Low-Fidelity Prototype: Humble beginnings

At this point we decided which device to design around. Since most of ACM’s events are in-person, members use their phones to check in. We observed on average members use around an iPhone 8 to iPhone X size screen, both of which have the same width, so we designed mobile-first.

My low-fidelity prototypes improved features of the initial membership portal including compartmentalizing the main page, giving clear, enticing links to other pages, being able to filter events, a more interactive profile, and a more poppy, informational about page.

Ideation into implementation: The membership portal redesign process

The membership portal redesign was a passion project and labor of love for the members ACM. Here were my key feature changes based on issues I found in user testing and membership portal data:

Event check-in: Creating an optimized experience while connecting members

When members attend events, they are able to check-into events through the portal. This check-in enables ACM to continue hosting events and is required by UC San Diego for ACM to receive funding from the school.

I found it takes a minimum of 8 taps and typing and a maximum of 22 taps and typing to go from a locked phone to a logged in/registered and checked in member.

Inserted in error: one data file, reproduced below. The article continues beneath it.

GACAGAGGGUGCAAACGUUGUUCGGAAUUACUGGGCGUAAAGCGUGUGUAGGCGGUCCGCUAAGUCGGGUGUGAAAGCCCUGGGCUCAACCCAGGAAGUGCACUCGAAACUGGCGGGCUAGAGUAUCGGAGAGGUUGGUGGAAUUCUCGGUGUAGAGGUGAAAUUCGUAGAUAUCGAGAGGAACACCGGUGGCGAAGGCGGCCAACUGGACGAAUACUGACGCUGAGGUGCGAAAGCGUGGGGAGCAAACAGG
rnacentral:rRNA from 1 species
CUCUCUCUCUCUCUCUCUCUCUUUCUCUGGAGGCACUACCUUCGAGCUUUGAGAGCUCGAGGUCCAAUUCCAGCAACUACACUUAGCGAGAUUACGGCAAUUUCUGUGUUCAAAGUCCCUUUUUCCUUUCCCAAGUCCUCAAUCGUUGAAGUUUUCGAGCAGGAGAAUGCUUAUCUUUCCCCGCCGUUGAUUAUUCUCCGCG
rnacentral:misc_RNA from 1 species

ACM hosted 131 events with 3481 portal check-ins and 5125 estimated actual attendees during the 2019–2020 year leading up to the redesign. That means potentially 32.1% of attendees do not check in.

I concluded members were likely to not check in because:

  1. They did not see the check-in code
  2. They do not have an ACM account
  3. It is overcomplicated to check-in

Based on these insights, I proposed a new way of checking in and interacting with members through individual QR codes.

Individual QR codes, or buddy codes would improve member initiation, engagement, experience, and retention because:

  • There would always be someone to greet members at the door and check them in
  • If an event was a person’s first time interacting with ACM there would be someone there to introduce them to the portal
  • There would be reduced friction of typing in a code instead check-in would be scanning a code

Member’s experience begins from the time they come to their first event. I want to inspire their confidence in being rewarded for attending in addition to what they gain from actual events. At the moment, people are mainly ACM returners at events. Since this check-in process is routine, I worry that someone who’s first time it is at an ACM event could feel left out.